proposal density function that partitions the multiple target space into a

single target space.

The proposed multiple target TBDF method is extended to track targets in sea

clutter using highly time-varying radar measurements. A generalized

likelihood function for closely spaced multiple targets in compound Gaussian

sea clutter is derived together with the maximum likelihood estimate of

the model parameters using an iterative fixed point algorithm.

The TBDF performance is improved by proposing a computationally feasible

method to estimate the space-time covariance matrix of rapidly-varying sea

clutter. The method applies the Kronecker product approximation to the

covariance matrix and uses particle filtering to solve the resulting dynamic

state space model formulation.

Contributors

Agent

Created

Date Created
  • 2015

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An online monitoring and fault location methodology for underground power cables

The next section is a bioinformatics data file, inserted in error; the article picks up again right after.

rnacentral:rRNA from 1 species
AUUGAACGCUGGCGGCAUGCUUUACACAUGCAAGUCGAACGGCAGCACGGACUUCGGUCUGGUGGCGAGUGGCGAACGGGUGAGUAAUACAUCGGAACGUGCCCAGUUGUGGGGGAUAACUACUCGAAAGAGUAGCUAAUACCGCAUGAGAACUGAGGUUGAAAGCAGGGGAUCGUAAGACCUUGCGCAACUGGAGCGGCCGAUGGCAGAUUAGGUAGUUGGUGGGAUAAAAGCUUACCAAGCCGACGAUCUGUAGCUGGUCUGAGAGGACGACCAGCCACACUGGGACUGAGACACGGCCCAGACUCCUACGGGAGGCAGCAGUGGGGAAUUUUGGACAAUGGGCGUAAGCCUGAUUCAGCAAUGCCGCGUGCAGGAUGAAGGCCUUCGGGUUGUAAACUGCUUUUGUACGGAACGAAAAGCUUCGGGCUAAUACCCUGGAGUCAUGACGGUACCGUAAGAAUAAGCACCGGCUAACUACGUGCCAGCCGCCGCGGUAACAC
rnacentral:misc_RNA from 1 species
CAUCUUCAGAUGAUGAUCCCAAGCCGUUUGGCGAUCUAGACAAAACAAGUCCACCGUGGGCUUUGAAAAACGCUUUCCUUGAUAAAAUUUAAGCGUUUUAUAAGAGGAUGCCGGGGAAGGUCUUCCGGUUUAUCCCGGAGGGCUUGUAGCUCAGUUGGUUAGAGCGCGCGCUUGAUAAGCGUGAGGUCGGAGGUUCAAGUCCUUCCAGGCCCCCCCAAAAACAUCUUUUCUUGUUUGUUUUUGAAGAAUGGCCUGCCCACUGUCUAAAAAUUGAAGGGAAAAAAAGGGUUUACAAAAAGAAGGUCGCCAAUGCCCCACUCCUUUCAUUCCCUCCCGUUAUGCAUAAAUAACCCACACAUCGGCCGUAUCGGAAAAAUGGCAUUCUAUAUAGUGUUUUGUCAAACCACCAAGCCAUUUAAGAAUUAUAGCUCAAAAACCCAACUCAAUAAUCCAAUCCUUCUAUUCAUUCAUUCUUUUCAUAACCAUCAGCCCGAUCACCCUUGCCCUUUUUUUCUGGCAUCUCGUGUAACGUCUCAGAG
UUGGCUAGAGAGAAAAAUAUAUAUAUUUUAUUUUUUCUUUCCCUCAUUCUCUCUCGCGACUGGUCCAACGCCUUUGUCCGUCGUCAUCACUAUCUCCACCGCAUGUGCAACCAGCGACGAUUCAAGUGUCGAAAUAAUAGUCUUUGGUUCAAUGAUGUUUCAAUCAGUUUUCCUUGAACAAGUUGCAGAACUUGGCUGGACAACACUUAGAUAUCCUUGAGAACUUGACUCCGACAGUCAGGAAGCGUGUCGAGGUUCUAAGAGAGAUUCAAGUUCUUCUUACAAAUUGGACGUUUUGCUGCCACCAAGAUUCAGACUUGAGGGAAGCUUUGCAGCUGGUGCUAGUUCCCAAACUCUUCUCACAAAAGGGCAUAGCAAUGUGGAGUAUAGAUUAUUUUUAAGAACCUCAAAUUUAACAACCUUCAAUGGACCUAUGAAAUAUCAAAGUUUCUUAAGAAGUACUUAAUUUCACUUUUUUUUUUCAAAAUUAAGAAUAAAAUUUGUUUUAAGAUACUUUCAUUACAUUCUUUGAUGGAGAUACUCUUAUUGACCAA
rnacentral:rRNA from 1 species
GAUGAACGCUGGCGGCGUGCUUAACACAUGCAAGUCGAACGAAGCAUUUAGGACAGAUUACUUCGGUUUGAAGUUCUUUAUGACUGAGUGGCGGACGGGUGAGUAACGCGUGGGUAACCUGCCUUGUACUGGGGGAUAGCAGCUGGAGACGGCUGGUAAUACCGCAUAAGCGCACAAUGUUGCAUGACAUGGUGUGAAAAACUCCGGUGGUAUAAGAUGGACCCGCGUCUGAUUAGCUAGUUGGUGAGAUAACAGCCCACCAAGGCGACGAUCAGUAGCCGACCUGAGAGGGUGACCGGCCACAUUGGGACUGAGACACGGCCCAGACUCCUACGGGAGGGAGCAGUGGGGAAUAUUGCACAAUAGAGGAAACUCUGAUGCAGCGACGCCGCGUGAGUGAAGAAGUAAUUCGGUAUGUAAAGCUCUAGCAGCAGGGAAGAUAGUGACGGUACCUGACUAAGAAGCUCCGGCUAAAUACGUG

Description

With the growing importance of underground power systems and the need for greater reliability of the power supply, cable monitoring and accurate fault location detection has become an increasingly important

With the growing importance of underground power systems and the need for greater reliability of the power supply, cable monitoring and accurate fault location detection has become an increasingly important issue. The presence of inherent random fluctuations in power system signals can be used to extract valuable information about the condition of system equipment. One such component is the power cable, which is the primary focus of this research.

This thesis investigates a unique methodology that allows online monitoring of an underground power cable. The methodology analyzes conventional power signals in the frequency domain to monitor the condition of a power cable.